Powder-blue skies of a snowy day. Sun- a small miracle.
But everywhere, the news. I avoid writing about it for as long as I can. I stand up from my laptop and sweep the floors, picking up Sophie’s blocks, doing squats. Unenjoyable activities, but better than this. I text my friend in Iran, ask him how he is, saying nothing about Soleimani. I am a fish flopping about for water on dry land. We all know what is wanted- peace- but we are helpless to secure it.
Will there be war? I wonder. Will the world go up in flames?
The flames aren’t a big deal. There is nothing particularly frightening about mass destruction, as long as no one is left to sweep up the ashes. It’s the particular destruction that kills you: a mother like a half-mad animal, clawing through burnt buildings for stiff little hand. A soldier clutching a leaking limb and snatching at his last spasm of awareness before death: death? so swiftly, so ordinary? Etc, etc. The images are as endless as they are senseless.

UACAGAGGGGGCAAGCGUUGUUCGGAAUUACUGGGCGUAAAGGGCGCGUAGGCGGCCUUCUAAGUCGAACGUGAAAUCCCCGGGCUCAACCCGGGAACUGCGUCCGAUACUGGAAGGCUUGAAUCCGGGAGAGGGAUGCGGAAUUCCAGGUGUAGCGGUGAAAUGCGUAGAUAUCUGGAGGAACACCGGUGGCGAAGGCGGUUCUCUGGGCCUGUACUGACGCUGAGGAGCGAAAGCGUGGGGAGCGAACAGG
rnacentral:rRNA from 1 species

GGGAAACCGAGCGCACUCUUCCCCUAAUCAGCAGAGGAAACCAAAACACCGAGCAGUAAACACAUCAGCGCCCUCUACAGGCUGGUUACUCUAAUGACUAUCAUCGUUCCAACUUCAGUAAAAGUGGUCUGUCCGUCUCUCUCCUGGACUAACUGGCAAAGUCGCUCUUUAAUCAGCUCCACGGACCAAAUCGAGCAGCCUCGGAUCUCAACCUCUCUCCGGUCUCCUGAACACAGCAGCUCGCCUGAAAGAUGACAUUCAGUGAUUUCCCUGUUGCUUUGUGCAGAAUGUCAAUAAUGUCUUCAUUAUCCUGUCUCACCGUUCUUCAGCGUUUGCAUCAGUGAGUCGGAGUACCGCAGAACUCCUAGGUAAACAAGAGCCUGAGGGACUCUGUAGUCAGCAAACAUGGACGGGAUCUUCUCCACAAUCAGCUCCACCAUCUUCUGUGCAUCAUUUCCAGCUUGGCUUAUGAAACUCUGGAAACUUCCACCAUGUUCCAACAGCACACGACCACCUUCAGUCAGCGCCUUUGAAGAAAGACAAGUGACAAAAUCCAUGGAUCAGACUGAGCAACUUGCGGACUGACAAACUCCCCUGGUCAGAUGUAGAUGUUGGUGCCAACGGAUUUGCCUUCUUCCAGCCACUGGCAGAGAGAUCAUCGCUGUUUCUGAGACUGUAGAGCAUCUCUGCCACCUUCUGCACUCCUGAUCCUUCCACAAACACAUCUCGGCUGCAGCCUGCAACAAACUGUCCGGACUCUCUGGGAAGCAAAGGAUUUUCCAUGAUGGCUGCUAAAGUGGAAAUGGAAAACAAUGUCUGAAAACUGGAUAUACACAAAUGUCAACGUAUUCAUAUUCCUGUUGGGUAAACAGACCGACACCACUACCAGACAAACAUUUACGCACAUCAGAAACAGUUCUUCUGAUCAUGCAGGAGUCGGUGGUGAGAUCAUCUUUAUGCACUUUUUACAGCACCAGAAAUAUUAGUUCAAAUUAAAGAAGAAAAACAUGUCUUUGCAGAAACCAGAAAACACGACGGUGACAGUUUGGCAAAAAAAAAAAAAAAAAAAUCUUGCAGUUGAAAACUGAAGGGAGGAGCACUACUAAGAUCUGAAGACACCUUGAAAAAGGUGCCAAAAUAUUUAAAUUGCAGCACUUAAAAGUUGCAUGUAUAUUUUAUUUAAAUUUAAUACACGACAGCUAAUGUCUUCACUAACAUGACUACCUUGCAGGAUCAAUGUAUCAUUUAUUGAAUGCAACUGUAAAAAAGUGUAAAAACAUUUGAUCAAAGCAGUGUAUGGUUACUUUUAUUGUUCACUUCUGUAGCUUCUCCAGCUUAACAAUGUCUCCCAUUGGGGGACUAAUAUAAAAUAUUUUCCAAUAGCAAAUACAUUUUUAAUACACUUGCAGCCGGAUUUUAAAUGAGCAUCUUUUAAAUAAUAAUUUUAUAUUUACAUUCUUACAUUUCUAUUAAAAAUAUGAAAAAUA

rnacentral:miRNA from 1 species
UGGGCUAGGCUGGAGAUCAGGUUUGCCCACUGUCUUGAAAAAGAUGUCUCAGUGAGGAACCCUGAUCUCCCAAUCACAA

I would like to shut my eyes, but eye-shutting may be the most succinct definition of sin. Whether to beauty or to suffering, the soul-stain is the same. So I keep my eyes open, a helpless witness.
Why so helpless? Is there nothing we can do? If feels that my voice of rage can ripple no effect, can change no one’s minds, only validate the opinions of the powerless like me. The power is concentrated in the hands of so few, and all of them habituated by the normalcy of violence in the name of national interests.
This doesn’t feel like a democracy; it feels like a convenient delusion. When we have no say in the most destructive of national decisions, how are we to rise above the helpless rage?